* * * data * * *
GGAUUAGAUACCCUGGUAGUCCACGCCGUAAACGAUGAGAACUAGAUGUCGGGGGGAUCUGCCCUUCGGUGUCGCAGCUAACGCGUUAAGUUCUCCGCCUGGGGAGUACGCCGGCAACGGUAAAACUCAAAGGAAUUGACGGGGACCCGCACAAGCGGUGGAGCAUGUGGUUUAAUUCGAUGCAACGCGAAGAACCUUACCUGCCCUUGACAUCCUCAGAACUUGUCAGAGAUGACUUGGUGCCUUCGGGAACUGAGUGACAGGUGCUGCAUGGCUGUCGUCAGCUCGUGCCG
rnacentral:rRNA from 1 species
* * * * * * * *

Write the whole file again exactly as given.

GGAUUAGAUACCCUGGUAGUCCACGCCGUAAACGAUGAGAACUAGAUGUCGGGGGGAUCUGCCCUUCGGUGUCGCAGCUAACGCGUUAAGUUCUCCGCCUGGGGAGUACGCCGGCAACGGUAAAACUCAAAGGAAUUGACGGGGACCCGCACAAGCGGUGGAGCAUGUGGUUUAAUUCGAUGCAACGCGAAGAACCUUACCUGCCCUUGACAUCCUCAGAACUUGUCAGAGAUGACUUGGUGCCUUCGGGAACUGAGUGACAGGUGCUGCAUGGCUGUCGUCAGCUCGUGCCG
rnacentral:rRNA from 1 species